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How to write a novel | Narration


Using a photograph to inspire you with an idea of where you story is taking place can be helpful. I used a woodland picture last week and this week I’m using another photograph from Moorcroft Wood. Your narrator would describe the woodland as your protagonist walked through. The narrator is your story teller and is usually like a newsreader; no slang or dialect. The narrator as I was reminded this week can be omnipotent, all knowing and all seeing. He not only sees the woodland, but knows what your protagonist is thinking and feeling.

Jack felt quite nervous as he walked through the woodland, it was too quiet; eerily so. There was signs of life, signs that nature was about to burst into life as Spring approached. There was some beauty to the barren landscape, he thought. He looked out across the water and wondered how long before the pool of water left behind by years of coal mining would be dried up and dead too. He wondered about bygone days when the woods would have been alive with all kinds of creatures. Perhaps poachers once set their traps here and hoped for a rabbit or two for supper…

The narrator can tell the story in the past tense or present tense. The protagonist can also be the narrator and I do like to combine the two. I was writing a comedy story about a young guy named Daniel who wins the lottery. This idea allowed me to to write lots of funny lines and the whole story built up to an amusing twist at the end. I wanted to make Daniel working class, but not give him a working class accent or a dialect. I decided to keep the narration as standard English, but because many working class people say ‘me’, instead of ‘my’. I changed that one word throughout the story to good effect.

I woke up as usual and everything seemed as usual. I thought everything would be different, but it was the same as always. I had a shower and got dressed, wearing me ‘best’ clothes. I had breakfast; the cornflakes tasted the same as always. Then it was off to the bank.

Altering the grammar so it sounds like the person you imagine, can also add to the characterisation of the protagonist. I could have described the bedroom, bathroom and kitchen. That would be show, don’t tell and showing the reader the places is a good idea in a novel; but this was a short story and so it is acceptable to tell the reader where Daniel is and what he is doing. The story was around 2,000 words, but if I had used show don’t tell throughout, it would have ended up like War and Peace and quite boring. The reader has an imagination and is likely to imagine the house to be very much like their own. In fact, I didn’t say it was a house, it could have been an apartment. Sometimes, less detail inspires the imagination and the reader fills in the blanks.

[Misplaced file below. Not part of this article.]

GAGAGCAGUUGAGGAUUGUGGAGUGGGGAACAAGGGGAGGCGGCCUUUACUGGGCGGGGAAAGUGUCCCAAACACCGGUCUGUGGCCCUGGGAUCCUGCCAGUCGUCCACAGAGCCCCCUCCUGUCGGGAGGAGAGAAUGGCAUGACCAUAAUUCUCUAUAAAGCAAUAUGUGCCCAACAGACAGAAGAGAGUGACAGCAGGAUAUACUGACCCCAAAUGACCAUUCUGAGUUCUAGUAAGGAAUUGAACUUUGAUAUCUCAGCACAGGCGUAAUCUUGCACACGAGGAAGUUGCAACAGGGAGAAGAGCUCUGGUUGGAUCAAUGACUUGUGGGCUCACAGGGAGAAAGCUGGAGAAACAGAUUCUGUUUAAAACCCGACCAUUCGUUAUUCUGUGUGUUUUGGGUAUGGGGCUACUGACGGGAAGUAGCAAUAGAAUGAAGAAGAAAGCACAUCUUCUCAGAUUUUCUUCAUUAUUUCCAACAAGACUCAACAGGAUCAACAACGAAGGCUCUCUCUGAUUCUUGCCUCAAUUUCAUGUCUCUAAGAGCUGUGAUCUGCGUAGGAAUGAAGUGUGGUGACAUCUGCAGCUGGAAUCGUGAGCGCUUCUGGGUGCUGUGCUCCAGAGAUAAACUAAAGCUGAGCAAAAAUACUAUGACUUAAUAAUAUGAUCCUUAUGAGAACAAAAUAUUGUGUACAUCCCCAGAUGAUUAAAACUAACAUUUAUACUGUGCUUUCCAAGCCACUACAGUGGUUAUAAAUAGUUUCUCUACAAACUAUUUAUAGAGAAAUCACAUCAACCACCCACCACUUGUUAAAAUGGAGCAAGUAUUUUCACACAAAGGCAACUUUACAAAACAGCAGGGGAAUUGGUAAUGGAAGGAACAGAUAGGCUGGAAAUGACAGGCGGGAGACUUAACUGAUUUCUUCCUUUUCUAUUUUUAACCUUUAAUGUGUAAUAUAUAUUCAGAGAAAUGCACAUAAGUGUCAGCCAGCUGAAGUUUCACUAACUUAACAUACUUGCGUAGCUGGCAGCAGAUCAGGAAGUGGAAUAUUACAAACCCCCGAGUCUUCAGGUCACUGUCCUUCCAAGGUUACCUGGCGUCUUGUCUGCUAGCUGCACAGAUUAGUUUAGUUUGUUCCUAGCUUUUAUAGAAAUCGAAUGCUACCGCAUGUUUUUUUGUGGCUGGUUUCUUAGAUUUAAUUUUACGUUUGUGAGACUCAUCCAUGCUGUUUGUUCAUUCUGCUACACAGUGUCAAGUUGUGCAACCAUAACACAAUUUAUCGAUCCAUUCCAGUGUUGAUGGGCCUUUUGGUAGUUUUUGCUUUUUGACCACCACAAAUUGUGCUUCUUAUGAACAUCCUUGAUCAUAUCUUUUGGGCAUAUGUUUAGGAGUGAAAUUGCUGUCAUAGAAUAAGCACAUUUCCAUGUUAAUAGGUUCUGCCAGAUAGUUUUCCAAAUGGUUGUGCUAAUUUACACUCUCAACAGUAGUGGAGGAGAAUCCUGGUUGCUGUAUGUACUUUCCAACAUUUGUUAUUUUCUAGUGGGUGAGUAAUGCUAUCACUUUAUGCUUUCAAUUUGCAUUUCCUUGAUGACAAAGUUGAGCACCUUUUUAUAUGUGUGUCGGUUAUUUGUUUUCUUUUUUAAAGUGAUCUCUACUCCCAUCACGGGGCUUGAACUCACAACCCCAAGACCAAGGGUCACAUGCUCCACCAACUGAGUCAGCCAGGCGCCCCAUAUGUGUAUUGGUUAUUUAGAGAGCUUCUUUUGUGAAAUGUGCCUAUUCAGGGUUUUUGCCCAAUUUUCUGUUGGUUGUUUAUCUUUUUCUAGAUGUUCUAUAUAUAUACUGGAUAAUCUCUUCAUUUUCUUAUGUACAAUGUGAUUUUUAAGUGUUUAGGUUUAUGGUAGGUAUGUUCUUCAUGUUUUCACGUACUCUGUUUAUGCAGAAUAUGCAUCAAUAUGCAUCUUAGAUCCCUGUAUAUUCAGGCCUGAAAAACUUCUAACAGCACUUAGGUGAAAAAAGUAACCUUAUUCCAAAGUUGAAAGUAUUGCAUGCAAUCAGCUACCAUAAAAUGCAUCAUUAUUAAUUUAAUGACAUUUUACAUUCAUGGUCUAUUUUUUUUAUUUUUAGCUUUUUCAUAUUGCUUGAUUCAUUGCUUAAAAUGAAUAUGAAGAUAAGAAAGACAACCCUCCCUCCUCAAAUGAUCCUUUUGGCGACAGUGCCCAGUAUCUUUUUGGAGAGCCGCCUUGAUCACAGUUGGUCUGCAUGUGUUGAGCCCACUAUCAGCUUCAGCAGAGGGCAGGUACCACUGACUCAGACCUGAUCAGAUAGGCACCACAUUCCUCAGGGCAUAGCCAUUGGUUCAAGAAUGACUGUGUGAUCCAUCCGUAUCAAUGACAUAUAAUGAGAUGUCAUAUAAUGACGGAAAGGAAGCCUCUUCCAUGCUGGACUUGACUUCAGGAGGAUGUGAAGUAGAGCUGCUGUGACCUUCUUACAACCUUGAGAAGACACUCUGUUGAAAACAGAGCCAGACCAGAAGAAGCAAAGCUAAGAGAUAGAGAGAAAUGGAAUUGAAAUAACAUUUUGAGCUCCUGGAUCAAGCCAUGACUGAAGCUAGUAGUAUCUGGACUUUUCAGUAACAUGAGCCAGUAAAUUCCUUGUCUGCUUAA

In my short story Daniel is treated with some prejudice by the teller in the bank, until he hands over the cheque for fifteen million…

I didn’t really have the time. I gave her the cheque; a false smile beamed at me as she glanced at it.

“Wait one moment, please, Mr Dawson,” she beamed.

Introducing the dialogue can also fire the reader’s imagination. I think we have all seen that false smile as someone tries to be gratuitously nice to us.

Writing a novel is like doing a jigsaw puzzle. You find all the pieces from a wide assortment of places, your past, your present, last year’s vacation, a childhood memory; a television programme and even from movies you have seen and all the pieces have to fit together to tell a story that has never been told before. Sometimes you get two pieces of the puzzle that fit together, but don’t fit into the story and you save them for later.

My first novel was about a guy who fancied himself as a modern day pirate and so when I came across any information about pirates; I would make a note of it or squirrel the information away in a dark recess in my mind. It was a comedy and so bits of information that were funny, were like pirate treasure. The things that were lucky or unlucky on a pirate ship, for example, could be woven into my story; especially the bit about naked ladies being lucky!

If you’re writing comedy it is important to have fun with it or you become too serious. You have to play with words and ideas. I read something about the hangman selling the old rope from the gallows in bygone days. It was ‘money for old rope’ and that was inserted into my story as my protagonist tries to use the same idea to sell old rope from his ship. To get ideas like that you do have to read a lot and most writers are prolific readers too.

I hope you have enjoyed this insight into how to write a novel. It’s never been easier with computers; but writing a story that has never been told before, is still a challenge. There are more amazing blogs on the Home Page. Please comment if you liked this post and I might write more on the subject next week!

4 responses

  1. Pingback: The tug of my war… « Writing = Passion

  2. Pingback: How to write a novel | People and Places « Mike10613's Blog

  3. Pingback: How to write a novel | Style « Mike10613's Blog

  4. Pingback: How to write a novel | Planning « Mike10613's Blog

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